But we forget, in the midst of our controlling, that it is absolutely impossible to eliminate all risk.We forget that embracing our limits and vulnerability can actually bring us greater pleasure, greater adventure, and even greater closeness.Our culture prizes quantification to the detriment of true intimacy, as well.

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We take the Meyers-Briggs personality test and various strengths-finder quizzes in order to determine whether we’ve picked the right job.

We use Yelp to check every restaurant, pick movies via Rotten Tomatoes, use wine apps to purchase the perfect bottle.

Because we are so anxious to control outcomes, we are unable to take any real risks.

They have to stop thinking in individual terms and start feeling in rapport terms.

Brooks calls this “the enchantment leap”—when “something dry and utilitarian erupts into something passionate, inescapable and devotional.” The algorithmic relies on the measurable, and thus most often depends on the physical, as Brooks points out.

Through apps like OKCupid and Tinder, we’ve learned to emphasize the temporary and the sensually gratifying in our pursuit of love.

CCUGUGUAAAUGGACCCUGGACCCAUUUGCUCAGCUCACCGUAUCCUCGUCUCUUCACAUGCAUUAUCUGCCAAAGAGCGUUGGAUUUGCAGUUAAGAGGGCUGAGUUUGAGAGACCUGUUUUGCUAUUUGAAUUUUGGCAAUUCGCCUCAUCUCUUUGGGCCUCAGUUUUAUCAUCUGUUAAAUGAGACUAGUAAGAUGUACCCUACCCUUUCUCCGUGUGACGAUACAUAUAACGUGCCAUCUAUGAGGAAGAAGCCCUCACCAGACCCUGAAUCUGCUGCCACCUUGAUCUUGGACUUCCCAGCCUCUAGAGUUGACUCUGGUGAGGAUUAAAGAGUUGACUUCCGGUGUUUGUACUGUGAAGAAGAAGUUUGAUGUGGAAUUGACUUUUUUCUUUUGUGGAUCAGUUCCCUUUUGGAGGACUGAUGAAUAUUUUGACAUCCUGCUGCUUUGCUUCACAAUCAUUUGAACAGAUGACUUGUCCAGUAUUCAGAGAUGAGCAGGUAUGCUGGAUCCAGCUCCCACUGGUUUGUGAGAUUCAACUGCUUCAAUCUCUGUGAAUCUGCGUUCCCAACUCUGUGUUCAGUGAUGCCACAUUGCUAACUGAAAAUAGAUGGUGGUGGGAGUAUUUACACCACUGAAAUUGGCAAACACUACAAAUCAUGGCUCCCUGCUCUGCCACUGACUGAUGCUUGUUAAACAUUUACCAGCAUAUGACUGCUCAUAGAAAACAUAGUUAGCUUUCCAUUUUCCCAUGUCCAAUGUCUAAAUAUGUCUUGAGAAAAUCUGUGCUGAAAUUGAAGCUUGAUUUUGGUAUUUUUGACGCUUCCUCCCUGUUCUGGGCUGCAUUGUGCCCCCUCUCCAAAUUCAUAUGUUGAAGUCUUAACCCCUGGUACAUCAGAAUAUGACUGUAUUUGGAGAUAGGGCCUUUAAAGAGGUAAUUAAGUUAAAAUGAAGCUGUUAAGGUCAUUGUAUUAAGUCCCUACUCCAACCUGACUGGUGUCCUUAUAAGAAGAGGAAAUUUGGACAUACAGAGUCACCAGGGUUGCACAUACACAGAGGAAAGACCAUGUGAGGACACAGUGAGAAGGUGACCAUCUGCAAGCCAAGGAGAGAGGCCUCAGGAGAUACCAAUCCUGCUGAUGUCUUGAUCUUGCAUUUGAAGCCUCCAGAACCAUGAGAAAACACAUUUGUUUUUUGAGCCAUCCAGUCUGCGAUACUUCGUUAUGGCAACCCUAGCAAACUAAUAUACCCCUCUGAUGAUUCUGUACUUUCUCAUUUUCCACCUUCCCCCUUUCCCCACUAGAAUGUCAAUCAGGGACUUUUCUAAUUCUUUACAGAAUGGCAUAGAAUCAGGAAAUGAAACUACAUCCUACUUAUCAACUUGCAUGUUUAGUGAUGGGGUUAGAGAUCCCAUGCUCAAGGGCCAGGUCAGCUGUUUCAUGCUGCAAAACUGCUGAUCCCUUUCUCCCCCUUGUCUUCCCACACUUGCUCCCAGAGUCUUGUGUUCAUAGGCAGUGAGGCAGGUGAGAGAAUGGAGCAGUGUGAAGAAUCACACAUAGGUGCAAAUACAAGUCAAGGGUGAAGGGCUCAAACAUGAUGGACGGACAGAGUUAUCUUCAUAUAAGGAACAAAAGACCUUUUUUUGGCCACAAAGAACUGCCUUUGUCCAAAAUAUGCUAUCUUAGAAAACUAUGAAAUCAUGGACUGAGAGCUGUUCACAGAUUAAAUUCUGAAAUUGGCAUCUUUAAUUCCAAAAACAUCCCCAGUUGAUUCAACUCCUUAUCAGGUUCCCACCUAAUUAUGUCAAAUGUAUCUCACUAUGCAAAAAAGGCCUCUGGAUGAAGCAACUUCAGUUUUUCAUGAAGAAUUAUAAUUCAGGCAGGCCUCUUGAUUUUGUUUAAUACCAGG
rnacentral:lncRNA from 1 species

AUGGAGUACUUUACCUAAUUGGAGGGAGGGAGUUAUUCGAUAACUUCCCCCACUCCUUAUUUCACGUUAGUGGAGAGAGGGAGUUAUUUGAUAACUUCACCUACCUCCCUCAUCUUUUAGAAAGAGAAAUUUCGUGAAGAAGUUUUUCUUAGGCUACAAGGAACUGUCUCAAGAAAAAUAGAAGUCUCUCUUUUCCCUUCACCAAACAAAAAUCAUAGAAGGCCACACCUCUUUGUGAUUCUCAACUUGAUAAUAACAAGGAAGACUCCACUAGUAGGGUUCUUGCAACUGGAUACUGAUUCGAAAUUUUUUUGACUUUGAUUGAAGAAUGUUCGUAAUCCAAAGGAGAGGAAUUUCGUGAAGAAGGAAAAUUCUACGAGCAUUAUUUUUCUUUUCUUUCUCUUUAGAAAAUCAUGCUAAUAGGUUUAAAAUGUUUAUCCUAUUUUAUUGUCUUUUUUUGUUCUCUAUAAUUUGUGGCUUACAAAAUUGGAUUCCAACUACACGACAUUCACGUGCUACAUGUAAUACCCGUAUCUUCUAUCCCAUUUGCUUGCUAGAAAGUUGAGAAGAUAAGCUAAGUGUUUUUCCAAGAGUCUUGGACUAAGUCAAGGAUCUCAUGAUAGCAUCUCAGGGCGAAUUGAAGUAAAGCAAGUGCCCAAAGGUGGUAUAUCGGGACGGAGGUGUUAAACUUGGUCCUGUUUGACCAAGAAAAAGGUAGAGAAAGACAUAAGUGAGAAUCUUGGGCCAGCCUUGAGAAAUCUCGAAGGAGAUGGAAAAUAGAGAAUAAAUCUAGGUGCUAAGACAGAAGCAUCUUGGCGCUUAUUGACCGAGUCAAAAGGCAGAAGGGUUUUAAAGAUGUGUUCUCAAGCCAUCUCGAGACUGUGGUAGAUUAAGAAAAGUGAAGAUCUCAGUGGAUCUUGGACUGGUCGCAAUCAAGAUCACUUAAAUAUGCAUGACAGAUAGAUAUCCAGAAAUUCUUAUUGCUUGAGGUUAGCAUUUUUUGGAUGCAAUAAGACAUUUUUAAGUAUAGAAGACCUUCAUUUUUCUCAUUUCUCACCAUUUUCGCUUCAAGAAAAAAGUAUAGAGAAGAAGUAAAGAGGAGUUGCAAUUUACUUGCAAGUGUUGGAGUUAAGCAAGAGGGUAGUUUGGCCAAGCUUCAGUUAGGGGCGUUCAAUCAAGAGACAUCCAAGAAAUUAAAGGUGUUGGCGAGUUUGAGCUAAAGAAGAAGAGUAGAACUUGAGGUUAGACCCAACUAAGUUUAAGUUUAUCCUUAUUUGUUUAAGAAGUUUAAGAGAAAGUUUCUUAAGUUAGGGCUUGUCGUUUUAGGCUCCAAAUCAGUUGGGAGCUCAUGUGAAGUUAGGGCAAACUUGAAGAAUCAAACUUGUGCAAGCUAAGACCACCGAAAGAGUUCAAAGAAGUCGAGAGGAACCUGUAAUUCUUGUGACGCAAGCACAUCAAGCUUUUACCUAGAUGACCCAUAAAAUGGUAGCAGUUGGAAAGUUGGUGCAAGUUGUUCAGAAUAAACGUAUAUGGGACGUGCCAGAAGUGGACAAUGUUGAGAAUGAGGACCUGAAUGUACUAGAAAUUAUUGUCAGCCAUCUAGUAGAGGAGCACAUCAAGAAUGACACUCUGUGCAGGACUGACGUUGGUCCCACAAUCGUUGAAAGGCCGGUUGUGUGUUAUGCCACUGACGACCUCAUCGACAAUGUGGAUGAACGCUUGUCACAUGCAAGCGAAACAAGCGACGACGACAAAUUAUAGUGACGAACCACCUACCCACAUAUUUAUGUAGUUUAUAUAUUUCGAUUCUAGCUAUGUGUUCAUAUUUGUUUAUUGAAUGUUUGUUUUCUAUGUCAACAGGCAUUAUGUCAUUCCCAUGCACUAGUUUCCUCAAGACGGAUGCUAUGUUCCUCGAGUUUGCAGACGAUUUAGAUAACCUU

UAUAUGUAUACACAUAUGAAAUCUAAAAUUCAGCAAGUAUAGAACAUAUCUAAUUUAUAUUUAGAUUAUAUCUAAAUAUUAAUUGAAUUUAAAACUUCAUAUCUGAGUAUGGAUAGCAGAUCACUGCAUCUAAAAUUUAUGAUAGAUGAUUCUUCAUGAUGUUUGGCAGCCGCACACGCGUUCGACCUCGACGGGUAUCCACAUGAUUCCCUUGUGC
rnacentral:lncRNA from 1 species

But enchantment requires us to look beyond ourselves and our temporary desires—it requires us to give up control, or as Brooks puts it, to become “vulnerable.” Part of the reason we love quantification—of our love lives, our vocations, even our pastimes—is because we love having a sense of control, the reassurance of a pleasurable outcome.

An increasing number of Americans are looking to social media and online dating sites like Tinder or OKCupid to meet potential romantic partners. They’re shopping for human beings, commodifying people.

In a Friday column, David Brooks reviews the data presented by the book People who date online are not shallower or vainer than those who don’t. They have access to very little information that can help them judge if they will fall in love with this person.